Irish Artist Patrick Dunning presented his art show, The Signature Project: Exploring the Human Spirit through Art, Music and Technology,” at Y.A.L.E. School in Cherry Hill last week, a free multimedia event open to the public.
The project began more than 20 years ago, and is an ongoing effort, the artist said.
“Back in the early 90s, I wanted to do some work that communicated with a broad range of people and to include those people in the artwork itself,” Dunning recalled. “So the idea of using people’s signatures or including their signatures in the work I found very intriguing, where a person would actually contribute a little piece of paint to the painting or the mural I’m creating.”
After painting a cosmic landscape depicting a sun, moon, stars, the Earth and the Milky Way Galaxy on a 3-by-2-foot canvas, Dunning took a picture of it and scanned the photo into a high resolution computer that broke the image into over a million pixels. Each pixel has a number corresponding with one of 10 colors.
“The signature is like one stitch in a tapestry that is made from a million stitches,” he explained.
Kim Widenor, curriculum and instruction coordinator at Y.A.L.E., shared why he chose to feature Dunning.
“Just like our approach to learning at Y.A.L.E., The Signature Project brings many areas of knowledge together to produce an incredible result: science, art, technology, music, light, sound,” Widenor noted. “ … The event is an opportunity for Y.A.L.E. to come together outside of the school day with the community.”
Dunning’s art has been featured around the country and even in his native Ireland, where in the past 20 years, he has collected about 350,000 signatures using acrylic paint pens that correspond to the colors of his original artwork.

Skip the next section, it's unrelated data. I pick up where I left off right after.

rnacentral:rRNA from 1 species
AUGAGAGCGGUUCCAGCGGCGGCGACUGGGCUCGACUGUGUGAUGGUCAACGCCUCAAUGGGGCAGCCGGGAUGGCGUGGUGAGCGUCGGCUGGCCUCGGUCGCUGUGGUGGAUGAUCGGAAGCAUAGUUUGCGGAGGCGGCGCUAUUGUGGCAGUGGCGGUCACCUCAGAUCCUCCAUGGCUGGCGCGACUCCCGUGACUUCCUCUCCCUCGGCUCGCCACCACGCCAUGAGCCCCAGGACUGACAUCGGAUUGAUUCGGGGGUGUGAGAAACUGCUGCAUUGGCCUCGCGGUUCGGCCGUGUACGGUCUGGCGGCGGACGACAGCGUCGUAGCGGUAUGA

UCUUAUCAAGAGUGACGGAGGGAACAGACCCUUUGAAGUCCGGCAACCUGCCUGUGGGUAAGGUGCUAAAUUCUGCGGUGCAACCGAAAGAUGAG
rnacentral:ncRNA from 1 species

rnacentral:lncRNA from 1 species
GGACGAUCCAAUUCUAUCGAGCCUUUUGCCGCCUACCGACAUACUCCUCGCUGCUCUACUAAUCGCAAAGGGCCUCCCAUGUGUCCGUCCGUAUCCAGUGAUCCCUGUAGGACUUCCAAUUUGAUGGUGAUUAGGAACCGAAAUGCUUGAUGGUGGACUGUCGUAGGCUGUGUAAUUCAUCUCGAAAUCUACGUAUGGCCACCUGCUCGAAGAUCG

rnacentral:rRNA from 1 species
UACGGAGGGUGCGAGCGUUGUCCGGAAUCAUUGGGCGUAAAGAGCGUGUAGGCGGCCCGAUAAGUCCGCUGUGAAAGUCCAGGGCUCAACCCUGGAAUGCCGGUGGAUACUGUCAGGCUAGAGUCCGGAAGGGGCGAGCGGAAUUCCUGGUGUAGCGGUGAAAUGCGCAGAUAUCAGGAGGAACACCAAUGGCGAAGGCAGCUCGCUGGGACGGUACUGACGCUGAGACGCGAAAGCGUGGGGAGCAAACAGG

He needs 1,008,016 signatures to complete the mural, which will span three stories tall once finished.
“Even though I sold a lot of my work and I was successful (in his early career), I felt that the vast majority of people weren’t getting to experience the work,” Dunning reflected. “It was a very exclusive thing: You put it in a gallery, only a few people can afford it, so few people go in and look at it.
“It really wasn’t touching the common person on the street,” he added, “so I thought about ways of doing art more publicly, and that kind of led into The Signature Project.
Dunning’s art is layered and features many aspects in each piece to convey the interconnectedness of life. For instance, one X-ray in the show appears to be of a face, but when the lightbox is turned on and a viewer looks closer, he or she can see it is made up of thousands of dots and dashes, Morse code. The image is revealed through the show and music.
“When you think about our existence in this world, we see it through a very narrow window,” Dunning conveyed. “We see it through the color spectrum, we see trees and skies and water and all that, but beyond that color spectrum, there’s ultraviolet light – infrared, Gamma rays, X-rays – there’s all these other ways of looking at the world that we don’t naturally use, but with our painting, I incorporate those disciplines into it.”
To learn more about or view Dunning’s work, visit https://signatureproject.com/index.html.